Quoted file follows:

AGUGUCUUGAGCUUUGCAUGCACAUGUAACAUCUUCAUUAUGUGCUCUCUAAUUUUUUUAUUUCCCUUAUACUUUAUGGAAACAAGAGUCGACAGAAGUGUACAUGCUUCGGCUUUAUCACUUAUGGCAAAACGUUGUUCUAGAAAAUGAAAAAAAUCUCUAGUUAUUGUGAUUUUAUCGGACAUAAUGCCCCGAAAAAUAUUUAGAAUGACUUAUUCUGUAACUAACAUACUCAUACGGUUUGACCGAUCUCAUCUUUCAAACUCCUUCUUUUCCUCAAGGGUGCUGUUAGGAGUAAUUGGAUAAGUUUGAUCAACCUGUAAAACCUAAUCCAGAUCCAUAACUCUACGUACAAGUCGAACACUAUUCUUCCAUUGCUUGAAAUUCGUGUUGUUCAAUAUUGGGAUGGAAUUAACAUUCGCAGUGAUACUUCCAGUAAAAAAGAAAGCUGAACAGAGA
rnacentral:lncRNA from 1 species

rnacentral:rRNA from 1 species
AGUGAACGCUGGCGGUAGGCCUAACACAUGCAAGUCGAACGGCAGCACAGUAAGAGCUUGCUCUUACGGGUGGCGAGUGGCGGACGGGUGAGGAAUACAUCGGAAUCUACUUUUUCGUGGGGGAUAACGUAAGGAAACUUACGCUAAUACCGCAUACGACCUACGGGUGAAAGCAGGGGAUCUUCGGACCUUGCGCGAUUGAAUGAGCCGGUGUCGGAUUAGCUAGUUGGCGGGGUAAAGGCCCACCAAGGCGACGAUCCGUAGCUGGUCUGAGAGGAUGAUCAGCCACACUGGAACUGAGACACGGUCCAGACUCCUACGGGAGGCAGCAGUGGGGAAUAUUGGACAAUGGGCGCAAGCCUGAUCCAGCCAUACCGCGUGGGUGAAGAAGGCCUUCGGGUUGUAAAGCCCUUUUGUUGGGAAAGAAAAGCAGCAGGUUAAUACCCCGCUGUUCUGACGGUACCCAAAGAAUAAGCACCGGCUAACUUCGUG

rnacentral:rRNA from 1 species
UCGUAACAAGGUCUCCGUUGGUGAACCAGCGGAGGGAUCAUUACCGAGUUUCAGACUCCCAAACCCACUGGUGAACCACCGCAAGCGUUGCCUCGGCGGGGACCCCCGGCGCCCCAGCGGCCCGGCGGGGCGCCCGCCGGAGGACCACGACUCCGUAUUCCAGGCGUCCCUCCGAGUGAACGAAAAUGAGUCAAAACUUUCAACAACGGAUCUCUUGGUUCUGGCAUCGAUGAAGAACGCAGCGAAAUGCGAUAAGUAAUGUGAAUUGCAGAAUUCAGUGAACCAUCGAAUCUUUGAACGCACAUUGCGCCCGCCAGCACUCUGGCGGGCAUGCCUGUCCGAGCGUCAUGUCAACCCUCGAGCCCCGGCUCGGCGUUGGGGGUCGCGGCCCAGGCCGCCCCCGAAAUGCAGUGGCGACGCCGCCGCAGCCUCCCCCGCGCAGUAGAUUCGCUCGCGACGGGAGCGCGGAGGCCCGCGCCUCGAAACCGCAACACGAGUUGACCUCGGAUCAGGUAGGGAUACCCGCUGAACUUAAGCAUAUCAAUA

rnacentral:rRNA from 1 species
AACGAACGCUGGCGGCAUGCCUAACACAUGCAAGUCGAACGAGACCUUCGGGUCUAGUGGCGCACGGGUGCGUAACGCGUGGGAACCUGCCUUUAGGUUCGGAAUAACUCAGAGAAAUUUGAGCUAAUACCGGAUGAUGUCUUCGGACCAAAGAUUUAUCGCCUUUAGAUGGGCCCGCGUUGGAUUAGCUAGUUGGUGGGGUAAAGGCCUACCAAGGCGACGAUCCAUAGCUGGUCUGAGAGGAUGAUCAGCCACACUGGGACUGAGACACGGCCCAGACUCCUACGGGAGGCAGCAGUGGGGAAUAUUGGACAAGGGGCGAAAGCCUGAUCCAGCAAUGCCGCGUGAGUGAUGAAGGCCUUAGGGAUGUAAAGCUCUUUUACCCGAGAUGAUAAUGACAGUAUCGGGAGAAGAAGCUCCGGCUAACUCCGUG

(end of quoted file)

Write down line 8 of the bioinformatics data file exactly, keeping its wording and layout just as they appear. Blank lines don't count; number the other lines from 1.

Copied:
AACGAACGCUGGCGGCAUGCCUAACACAUGCAAGUCGAACGAGACCUUCGGGUCUAGUGGCGCACGGGUGCGUAACGCGUGGGAACCUGCCUUUAGGUUCGGAAUAACUCAGAGAAAUUUGAGCUAAUACCGGAUGAUGUCUUCGGACCAAAGAUUUAUCGCCUUUAGAUGGGCCCGCGUUGGAUUAGCUAGUUGGUGGGGUAAAGGCCUACCAAGGCGACGAUCCAUAGCUGGUCUGAGAGGAUGAUCAGCCACACUGGGACUGAGACACGGCCCAGACUCCUACGGGAGGCAGCAGUGGGGAAUAUUGGACAAGGGGCGAAAGCCUGAUCCAGCAAUGCCGCGUGAGUGAUGAAGGCCUUAGGGAUGUAAAGCUCUUUUACCCGAGAUGAUAAUGACAGUAUCGGGAGAAGAAGCUCCGGCUAACUCCGUG